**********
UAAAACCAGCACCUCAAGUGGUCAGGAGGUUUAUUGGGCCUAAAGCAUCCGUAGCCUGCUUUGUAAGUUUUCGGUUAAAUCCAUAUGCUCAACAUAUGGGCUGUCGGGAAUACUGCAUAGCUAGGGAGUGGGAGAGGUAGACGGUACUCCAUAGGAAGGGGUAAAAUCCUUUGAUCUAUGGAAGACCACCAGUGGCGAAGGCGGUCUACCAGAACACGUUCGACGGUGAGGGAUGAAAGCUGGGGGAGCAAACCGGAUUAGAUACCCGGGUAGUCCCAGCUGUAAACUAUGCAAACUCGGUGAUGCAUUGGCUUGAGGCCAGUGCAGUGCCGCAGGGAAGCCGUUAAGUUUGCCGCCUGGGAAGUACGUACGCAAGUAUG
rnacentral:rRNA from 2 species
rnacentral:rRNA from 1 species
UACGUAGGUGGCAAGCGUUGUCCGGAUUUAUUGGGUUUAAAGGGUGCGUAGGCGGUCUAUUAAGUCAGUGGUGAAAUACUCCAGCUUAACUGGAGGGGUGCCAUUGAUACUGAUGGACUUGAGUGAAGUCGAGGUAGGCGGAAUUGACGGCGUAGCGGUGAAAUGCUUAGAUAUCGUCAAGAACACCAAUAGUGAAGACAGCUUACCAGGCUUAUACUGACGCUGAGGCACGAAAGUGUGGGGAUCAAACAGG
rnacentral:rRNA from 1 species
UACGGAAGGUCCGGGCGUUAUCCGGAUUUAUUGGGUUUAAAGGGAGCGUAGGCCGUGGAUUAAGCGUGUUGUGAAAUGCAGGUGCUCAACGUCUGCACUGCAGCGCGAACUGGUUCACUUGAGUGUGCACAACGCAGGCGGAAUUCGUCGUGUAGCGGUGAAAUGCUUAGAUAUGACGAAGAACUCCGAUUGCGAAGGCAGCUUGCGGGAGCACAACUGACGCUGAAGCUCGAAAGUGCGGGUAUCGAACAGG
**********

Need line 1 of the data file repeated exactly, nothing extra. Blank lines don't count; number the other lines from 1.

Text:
UAAAACCAGCACCUCAAGUGGUCAGGAGGUUUAUUGGGCCUAAAGCAUCCGUAGCCUGCUUUGUAAGUUUUCGGUUAAAUCCAUAUGCUCAACAUAUGGGCUGUCGGGAAUACUGCAUAGCUAGGGAGUGGGAGAGGUAGACGGUACUCCAUAGGAAGGGGUAAAAUCCUUUGAUCUAUGGAAGACCACCAGUGGCGAAGGCGGUCUACCAGAACACGUUCGACGGUGAGGGAUGAAAGCUGGGGGAGCAAACCGGAUUAGAUACCCGGGUAGUCCCAGCUGUAAACUAUGCAAACUCGGUGAUGCAUUGGCUUGAGGCCAGUGCAGUGCCGCAGGGAAGCCGUUAAGUUUGCCGCCUGGGAAGUACGUACGCAAGUAUG